Not sure who made up that statement, but I learned it in basic training from my Sergeant Darnell, who was our company NCO. The reason I was not familiar with it was the word Shinola, which happened to be a shoe polish product. My experience was only with shoe polish named Kiwi, Griffin and Esquire. Don’t believe that Shinola was sold where I lived.
The alliteration of the statement made it a popular form of put down in the army. Your instructors would use it when someone got out of line by correcting an NCO or an office. “You don’t know shit from Shinola, cruit.” Cruit was short for recruit or a way of not pronouncing you name which was emblazoned on your fatigues or field jacket.
The saying grew more popular in different parts of the country as pt. and movies made great use of it. I have not seen it used with relation to our political process recently. I believe that it should be used more often for that particular group of people. It came to me in a flash when a political type was praising the soldiers of the Great Generation who fought on the beaches in Normandy and were invited to the new memorial in Washington. The politician said that he was proud to be there with a group of 90 year olds who had volunteered to serve their country in World War II. I guess this guy has never heard of the draft.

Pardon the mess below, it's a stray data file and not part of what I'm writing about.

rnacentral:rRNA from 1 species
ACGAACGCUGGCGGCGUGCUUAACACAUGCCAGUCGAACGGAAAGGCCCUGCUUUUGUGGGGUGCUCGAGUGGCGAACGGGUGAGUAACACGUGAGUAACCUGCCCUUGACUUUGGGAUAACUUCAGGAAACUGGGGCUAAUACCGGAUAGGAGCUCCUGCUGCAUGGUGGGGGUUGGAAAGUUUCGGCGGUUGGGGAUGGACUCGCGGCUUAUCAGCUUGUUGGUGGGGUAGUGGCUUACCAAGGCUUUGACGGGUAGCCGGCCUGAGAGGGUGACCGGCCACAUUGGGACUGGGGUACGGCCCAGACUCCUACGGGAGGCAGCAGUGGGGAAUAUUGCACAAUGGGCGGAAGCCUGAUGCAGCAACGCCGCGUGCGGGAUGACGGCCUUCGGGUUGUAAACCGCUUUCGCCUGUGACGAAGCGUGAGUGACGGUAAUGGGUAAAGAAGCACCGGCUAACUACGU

There are some other notables around the country. How about the U.S. Senator from Wisconsin who is running for his second term in the senate and has not mentioned in his public discourse that he is already a senator. He claims that he is an outsider and will go to Washington to fix things. I guess he thinks that his constituents “Don’t know shit from shinola.”
How about the many candidates for federal public office who promise that singlehandedly will get rid of this or that and will take our country forward where it has never been before. I believe that there are three branches of government and that doing any of those things will require the cooperation of at least two of those branches.